The Anschluss and World War Ii
Most Austrian proponents of the Anschluss had foreseen a gradual coordination and merger of the two German states that would preserve some semblance of Austrian identity. But, influenced by the tumultuous welcome he received on his arrival, Hitler made an impromptu decision for quick and total absorption of Austria into the Third Reich.
The Anschluss violated various international agreements, but the European powers offered only perfunctory opposition. Italy had acquiesced to the invasion beforehand, and in return Hitler later agreed to allow Italy to retain the South Tirol despite his aggressive policies elsewhere to bring all German populations into the Third Reich. Britain was following a policy of appeasement in 1938 and was unwilling to risk war over Austria's independence, while France, traditionally the strongest foe of German unification, was incapable of unilateral military action.
To provide a legal facade for the Anschluss, Hitler arranged a plebiscite for April 10, 1938. The Nazis portrayed the plebiscite as a vote on pan-Germanism and claimed a 99.7 percent vote in favor of the Anschluss. Although the outcome was undoubtedly influenced by Nazi intimidation, the Anschluss enjoyed broad popular support. Nevertheless, the positive vote reflected the Austrians' desire for change far more than it did widespread support for Hitler and Nazism. Unification offered a way out of the political turmoil of the First Republic, and ties with the larger German economy promised economic revitalization. Many Austrians probably also harbored unrealistic notions of Austria's position within the Third Reich, expecting an arrangement similar to the Dual Monarchy in which Austria and Germany would be equal partners. And the full dimensions of Nazi barbarism were not yet apparent. Underlying these factors, however, was the widespread appeal of pan-Germanism that cut across political lines. Austrians had traditionally thought of themselves as Germans, and the Austrian nationalism cultivated by Dollfuss and Schuschnigg had not taken root. Although the SDAP had moderated its long-standing support for unification when Hitler came to power in Germany, Karl Renner urged a yes vote in the Nazi-organized plebiscite. Once unification was a fact, other Socialist leaders felt that the Nazi regime was not sufficient reason to reject the fulfillment of what they viewed as a progressive goal of German nationalism.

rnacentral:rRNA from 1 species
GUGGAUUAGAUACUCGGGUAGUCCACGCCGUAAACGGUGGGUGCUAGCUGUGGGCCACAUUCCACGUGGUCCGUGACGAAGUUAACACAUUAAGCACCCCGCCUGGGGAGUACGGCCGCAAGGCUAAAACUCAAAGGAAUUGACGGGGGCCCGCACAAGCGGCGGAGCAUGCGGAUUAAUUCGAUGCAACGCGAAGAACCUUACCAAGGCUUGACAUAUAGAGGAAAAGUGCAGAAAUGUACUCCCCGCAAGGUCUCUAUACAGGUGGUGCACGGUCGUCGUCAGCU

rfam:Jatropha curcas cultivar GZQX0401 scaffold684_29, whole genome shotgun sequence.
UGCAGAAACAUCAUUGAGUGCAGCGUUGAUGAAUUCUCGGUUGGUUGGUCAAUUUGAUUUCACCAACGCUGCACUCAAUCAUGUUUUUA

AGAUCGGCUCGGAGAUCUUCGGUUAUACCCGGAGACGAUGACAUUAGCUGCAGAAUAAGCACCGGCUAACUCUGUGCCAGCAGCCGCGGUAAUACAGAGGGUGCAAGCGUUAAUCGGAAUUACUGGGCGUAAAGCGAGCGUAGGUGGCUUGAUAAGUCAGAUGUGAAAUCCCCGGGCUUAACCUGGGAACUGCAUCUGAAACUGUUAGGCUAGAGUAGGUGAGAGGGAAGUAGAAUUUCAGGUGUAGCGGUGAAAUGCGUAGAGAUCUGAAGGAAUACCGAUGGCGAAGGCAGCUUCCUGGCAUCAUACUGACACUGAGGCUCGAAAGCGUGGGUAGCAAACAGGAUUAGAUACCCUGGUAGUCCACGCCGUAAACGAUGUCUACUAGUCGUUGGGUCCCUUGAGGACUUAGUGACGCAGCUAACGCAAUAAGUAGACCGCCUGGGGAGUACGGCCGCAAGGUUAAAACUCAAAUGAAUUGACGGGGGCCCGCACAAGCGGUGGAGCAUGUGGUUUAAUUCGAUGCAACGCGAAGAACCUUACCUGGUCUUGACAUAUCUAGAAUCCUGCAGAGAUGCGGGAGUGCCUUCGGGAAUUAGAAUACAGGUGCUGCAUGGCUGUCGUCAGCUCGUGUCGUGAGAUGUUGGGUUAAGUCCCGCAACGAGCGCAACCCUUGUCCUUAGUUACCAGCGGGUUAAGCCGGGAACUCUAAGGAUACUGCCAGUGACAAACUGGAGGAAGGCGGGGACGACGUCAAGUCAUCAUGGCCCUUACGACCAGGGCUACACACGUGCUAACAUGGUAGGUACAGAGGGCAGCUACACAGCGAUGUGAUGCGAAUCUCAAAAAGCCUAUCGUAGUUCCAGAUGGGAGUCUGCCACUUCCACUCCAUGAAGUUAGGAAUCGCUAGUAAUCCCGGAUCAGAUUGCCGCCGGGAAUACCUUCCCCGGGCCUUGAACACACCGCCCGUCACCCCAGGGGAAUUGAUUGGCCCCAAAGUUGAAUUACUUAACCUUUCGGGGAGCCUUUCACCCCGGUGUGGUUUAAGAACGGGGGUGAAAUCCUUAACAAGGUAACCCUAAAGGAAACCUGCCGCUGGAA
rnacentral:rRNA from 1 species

Hitler moved quickly to suppress what little independent identity and national unity Austria had. The name Austria was banned, provinces were freed of central administration from Vienna, and provincial loyalty and identification were cultivated. In addition, Austrian Nazis and Nazi sympathizers who might have become effective national leaders were transferred to relatively unimportant jobs in the administration of the Third Reich or, after World War II began, were sent to administer the occupied territories. Thus, a disproportionate number of Austrians came to be in charge of the bureaucracy overseeing the implementation of the Nazis' extermination of the Jews and other peoples and groups deemed undesirable.
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